I personally am not a big train buff. On the other hand, I shudder to think of how much money we have blown on Thomas the Tank Engine paraphernalia for my four year old. We have trains in plastic, wood, and metal. We have tables and track and engine sheds. We have videos and we have books. He is also big into construction equipment and bugs, but I think the train collection wins in the sheer cost department. He can pick up bugs for free in the yard and plastic construction toys are cheap compared to the train stuff.


So this past week the family took a trip to the Steamtown National Historic Site in Scranton, PA. This is a really interesting place to visit even if you don’t know a diesel from a steamy. The train holds a big place in the Metalhistory of this country’s development geographically, socially, and politically so history buffs are covered. If you are into mechanical qizmos, you can get that here too. The engineering that went into some of the trains to make them faster, stronger, safer, and bigger is amazing. You can even study architecture in the rail cars. In their hey day passenger trains were luxury hotels on wheels with some cool innovations and lots of painstaking hand craftsmanship. For photo nuts like me – there is just a lot of weird crap laying around waiting to be shot.

I was just going with the family for fun so I didn’t take all the camera equipment. We took our point and shoot digital mainly to keep track of the boy, but in the meantime I took some artsy fartsy shots too. One nice thing about Cow Catcherthe park is that you can get close to the stuff. This is a working train depot as well as a historic site. You can see equipment being repaired and restored and ride on trains and trolleys and you can wander around in a “graveyard” of old equipment waiting to be restored or trashed as the case may be.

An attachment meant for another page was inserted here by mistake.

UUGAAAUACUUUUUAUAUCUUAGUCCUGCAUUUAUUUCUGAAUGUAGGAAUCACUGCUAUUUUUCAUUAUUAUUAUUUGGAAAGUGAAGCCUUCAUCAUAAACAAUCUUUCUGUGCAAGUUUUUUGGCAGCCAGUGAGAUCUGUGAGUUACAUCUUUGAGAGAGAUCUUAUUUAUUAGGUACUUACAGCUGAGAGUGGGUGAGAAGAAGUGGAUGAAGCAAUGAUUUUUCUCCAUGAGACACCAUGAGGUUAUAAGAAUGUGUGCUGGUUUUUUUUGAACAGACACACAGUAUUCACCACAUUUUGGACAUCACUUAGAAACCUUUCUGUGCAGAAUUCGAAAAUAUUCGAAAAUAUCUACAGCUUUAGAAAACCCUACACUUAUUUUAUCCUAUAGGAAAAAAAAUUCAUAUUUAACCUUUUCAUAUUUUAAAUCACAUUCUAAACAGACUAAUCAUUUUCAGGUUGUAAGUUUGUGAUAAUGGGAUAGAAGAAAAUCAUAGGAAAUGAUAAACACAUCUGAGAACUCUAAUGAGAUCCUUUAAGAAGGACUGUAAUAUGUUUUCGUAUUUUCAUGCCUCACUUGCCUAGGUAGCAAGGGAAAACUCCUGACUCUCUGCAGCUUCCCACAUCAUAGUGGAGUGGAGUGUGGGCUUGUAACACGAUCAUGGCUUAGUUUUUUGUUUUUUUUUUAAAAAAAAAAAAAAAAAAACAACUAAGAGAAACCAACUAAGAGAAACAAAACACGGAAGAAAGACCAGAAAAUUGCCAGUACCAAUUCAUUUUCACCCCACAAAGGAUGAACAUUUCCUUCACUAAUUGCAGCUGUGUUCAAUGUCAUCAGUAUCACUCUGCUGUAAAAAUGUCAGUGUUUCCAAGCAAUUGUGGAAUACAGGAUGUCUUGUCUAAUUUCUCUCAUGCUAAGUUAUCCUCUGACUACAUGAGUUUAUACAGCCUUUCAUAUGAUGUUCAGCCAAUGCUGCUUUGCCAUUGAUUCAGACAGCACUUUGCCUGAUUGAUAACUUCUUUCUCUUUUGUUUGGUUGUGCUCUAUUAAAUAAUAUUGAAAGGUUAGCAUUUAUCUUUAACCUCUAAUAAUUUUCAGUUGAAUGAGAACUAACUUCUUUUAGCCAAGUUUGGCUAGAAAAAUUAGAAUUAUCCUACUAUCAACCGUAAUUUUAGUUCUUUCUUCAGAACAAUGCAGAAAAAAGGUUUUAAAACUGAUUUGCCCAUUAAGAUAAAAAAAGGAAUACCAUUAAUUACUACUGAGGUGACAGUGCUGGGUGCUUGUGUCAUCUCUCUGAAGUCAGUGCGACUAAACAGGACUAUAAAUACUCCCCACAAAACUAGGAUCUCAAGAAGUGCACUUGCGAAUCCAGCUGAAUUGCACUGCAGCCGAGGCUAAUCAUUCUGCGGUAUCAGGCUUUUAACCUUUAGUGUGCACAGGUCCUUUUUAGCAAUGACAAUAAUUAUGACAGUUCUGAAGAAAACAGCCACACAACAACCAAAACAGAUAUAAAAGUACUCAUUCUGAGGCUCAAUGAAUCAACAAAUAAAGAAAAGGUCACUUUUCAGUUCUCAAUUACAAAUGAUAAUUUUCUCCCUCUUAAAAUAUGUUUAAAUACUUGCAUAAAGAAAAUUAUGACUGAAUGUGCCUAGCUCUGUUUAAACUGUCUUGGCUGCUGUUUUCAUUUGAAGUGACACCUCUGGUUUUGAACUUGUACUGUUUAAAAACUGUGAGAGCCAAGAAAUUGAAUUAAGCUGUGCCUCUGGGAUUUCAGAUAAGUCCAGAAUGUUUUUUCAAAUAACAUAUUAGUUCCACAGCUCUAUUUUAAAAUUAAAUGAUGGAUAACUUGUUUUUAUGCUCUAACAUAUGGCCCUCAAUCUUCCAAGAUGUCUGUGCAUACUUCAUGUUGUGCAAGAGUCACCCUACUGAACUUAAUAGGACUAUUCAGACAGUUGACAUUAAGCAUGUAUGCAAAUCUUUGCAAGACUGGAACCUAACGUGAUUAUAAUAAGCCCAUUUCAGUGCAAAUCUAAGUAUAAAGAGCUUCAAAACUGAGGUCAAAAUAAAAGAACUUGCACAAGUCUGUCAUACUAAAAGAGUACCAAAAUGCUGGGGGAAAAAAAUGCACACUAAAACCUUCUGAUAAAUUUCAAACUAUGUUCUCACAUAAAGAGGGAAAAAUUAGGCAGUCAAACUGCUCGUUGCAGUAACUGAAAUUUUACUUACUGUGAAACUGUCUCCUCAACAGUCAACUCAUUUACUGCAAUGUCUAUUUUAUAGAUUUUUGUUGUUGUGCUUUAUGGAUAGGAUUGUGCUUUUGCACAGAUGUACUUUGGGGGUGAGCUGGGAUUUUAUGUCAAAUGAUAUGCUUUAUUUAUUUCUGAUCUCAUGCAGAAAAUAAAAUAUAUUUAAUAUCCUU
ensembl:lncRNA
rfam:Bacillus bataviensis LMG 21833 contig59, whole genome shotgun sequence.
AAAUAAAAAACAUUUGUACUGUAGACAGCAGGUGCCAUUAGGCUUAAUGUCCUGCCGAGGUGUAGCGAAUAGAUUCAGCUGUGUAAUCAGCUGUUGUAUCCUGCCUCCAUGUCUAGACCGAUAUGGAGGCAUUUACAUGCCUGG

The cost is reasonable and the staff is very helpful and friendly. We blew an entire day wandering around. We took a couple of guided tours and the trolly ride through some nice long dark tunnels. The adults enjoyed it as much as kid.Train

Scranton itself isn’t what you might think of as a big tourist destination, but we really liked it. It is an old city built on the train and coal industries. There was plenty of money around “in the day” so there are some beautiful old buildings. We spent a few hours the next day at Nay Aug Park in downtown Scranton. With a small animal sanctuary, lots of trees, and a gorge with a waterfall it was nice. The Everhart museum is also on the grounds. The boy wasn’t that impressed with the paintings, but he loved the natural history collections.



2 Responses to “SteamTown”

  1. Suresh Gundappa Says:

    I find it really creative! I used to shoot doors of old Haunted buildings for whiile!

  2. forestrat Says:

    As a rule I only do “nature” type stuff with as little evidence of man-made objects as possible in the pictures. Lately though I’ve had a chance to do some architectural work with historic buildings. Maybe after this I’ll even dabble a little in industrial subjects!

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